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Not the 9 to 5: How to embrace working from home
The vast majority of successful small businesses have one thing in common: the lack of overheads. In fact, of the top 20 most lucrative small companies, over 80% operate either from ‘home’ or in a mobile capacity. This includes mobile hairdressers and gardeners; as well as marketing professionals, web developers and financial experts.
A better work / life balance is something more and more people are craving, and many employers already allow, or indeed actively encourage a ‘working from home’ day. So, with remote working becoming the norm, there is an increasing concern for those who may not be suited to solitary working.
As someone who has built up Los Social from home, I am more than familiar with the traps you can fall into and how to develop a working pattern that encourages efficiency and plays to your strengths. Here are some of my top tips for getting the most out of remote working:
- - Create a ‘home office’ which you can use as a base for more formal work. I have a beautiful desk set up on our landing space, with a comfy but stylish chair, and some stationary and ornaments that reflect my business. It’s inviting and suits our home, but also allows me to switch into work mode when I settle there. Don’t get me wrong, if I’m catching up on emails or being more creative I’ll often pitch up on the sofa, but a dedicated environment helps me to focus.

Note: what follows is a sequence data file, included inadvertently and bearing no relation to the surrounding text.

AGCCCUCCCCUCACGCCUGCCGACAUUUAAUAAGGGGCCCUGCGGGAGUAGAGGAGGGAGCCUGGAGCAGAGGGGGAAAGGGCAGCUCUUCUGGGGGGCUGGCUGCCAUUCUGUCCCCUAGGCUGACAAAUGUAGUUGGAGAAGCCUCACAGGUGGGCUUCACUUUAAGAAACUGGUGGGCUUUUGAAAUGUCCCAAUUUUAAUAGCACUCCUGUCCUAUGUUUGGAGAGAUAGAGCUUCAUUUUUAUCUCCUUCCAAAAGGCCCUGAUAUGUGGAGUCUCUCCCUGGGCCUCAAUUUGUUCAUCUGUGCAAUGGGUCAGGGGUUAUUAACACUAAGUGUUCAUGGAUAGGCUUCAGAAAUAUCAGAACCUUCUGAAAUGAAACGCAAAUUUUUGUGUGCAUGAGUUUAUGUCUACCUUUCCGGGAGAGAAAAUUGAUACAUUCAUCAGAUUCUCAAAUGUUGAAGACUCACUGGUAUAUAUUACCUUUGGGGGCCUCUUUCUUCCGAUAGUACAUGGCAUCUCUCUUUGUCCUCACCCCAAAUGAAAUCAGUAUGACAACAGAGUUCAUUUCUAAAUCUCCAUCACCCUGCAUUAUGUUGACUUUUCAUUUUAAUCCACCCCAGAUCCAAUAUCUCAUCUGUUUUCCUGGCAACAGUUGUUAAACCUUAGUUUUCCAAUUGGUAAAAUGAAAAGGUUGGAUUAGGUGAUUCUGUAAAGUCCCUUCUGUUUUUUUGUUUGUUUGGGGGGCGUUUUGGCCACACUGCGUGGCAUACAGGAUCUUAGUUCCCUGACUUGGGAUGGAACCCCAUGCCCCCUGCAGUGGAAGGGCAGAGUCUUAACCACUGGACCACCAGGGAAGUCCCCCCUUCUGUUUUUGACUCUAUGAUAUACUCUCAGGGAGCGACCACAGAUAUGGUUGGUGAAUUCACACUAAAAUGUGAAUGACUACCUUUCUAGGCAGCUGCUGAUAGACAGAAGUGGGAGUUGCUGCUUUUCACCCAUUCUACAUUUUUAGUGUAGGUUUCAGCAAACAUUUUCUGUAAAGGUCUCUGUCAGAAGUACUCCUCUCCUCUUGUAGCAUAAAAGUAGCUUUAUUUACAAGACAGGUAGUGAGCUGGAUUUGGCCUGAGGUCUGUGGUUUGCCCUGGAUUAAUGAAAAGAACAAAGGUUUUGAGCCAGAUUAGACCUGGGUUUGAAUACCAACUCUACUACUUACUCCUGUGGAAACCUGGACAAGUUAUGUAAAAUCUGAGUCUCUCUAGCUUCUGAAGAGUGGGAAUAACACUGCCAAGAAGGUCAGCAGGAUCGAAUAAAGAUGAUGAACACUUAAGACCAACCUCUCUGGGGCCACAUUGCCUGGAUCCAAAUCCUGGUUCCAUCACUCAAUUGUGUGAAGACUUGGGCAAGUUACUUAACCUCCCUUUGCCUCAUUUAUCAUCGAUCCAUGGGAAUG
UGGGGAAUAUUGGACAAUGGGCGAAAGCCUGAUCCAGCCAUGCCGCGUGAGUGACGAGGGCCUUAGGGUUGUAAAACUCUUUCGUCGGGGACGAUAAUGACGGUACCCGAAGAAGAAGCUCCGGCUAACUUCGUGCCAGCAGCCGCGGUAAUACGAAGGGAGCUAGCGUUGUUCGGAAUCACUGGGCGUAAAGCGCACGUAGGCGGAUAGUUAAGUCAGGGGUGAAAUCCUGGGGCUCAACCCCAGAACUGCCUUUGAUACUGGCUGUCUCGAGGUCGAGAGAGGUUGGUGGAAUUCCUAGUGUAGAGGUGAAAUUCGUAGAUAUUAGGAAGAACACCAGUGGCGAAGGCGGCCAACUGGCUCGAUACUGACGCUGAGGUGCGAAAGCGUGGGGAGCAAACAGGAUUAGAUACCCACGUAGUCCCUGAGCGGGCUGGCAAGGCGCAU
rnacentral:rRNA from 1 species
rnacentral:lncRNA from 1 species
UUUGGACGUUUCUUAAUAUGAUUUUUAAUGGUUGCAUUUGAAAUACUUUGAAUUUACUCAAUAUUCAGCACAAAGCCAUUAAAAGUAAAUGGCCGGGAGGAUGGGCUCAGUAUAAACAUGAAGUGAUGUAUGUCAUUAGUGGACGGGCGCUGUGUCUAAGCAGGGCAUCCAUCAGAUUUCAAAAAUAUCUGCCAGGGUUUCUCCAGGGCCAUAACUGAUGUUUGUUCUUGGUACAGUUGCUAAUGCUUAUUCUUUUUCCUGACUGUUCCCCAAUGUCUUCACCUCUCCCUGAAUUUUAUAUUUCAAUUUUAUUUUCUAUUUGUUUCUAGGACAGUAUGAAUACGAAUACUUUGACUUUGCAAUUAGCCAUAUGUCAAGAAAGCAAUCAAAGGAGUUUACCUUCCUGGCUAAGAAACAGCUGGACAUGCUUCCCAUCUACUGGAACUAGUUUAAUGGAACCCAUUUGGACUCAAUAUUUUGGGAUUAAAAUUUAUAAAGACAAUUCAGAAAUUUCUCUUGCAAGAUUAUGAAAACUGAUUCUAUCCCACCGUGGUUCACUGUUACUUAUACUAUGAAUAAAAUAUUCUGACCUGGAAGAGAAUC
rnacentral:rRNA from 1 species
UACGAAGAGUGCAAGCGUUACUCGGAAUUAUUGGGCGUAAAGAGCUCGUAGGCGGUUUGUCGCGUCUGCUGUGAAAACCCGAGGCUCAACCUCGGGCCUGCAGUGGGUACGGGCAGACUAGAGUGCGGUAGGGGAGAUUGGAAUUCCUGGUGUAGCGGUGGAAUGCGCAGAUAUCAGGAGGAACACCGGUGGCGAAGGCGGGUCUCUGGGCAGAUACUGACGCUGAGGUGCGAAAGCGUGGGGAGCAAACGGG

- - Get out of the house. I’ll admit, there have been a couple of days where I’ve barely left the house. These haven’t been my most productive. Grab a coffee, go for a walk, exercise, make a delicious lunch: and when you need a distraction take your laptop to a coffee shop and make use of the energy shift (and free wifi). I can often get more done in one hour in a cafe, than in a day at home.
- - Make a to-do list. I use Trello and it basically runs my life! I have a list for each working day, which I file in my ‘stick a fork in me’ folder when I’m done - a big tick on my virtual list! I’d definitely recommend this app, as it can help structure your day or week, and you can create folders for each project. The sense of accomplishment when you fulfil a task gives you a boost when no one else is around.
- - Treat yourself. If like me, you have experience of past managers checking your every move while out of the office, you’ll perhaps still hold yourself accountable for every minute. Now think realistically about how much you are actually achieving away from the distractions of co-workers and unnecessary meetings, and take a moment for you. Shut your laptop, put your phone down. Read a few pages of your book, with (in my case) an iced latte.
- - And lastly, connect with like-minded people. There are so many co-working spaces now and an abundance of online groups and communities. These are great places to ask questions, create relationships and gain reassurance. I have a few mates who are in a similar position to me and every now and then we’ll meet up to talk shop. That fills a little hole left empty now I don’t have co-workers, and enables me to get my fix and then crack on
If you’re in the Leigh-on-sea area and fancy a coffee and chat about your small business, get in touch - firstname.lastname@example.org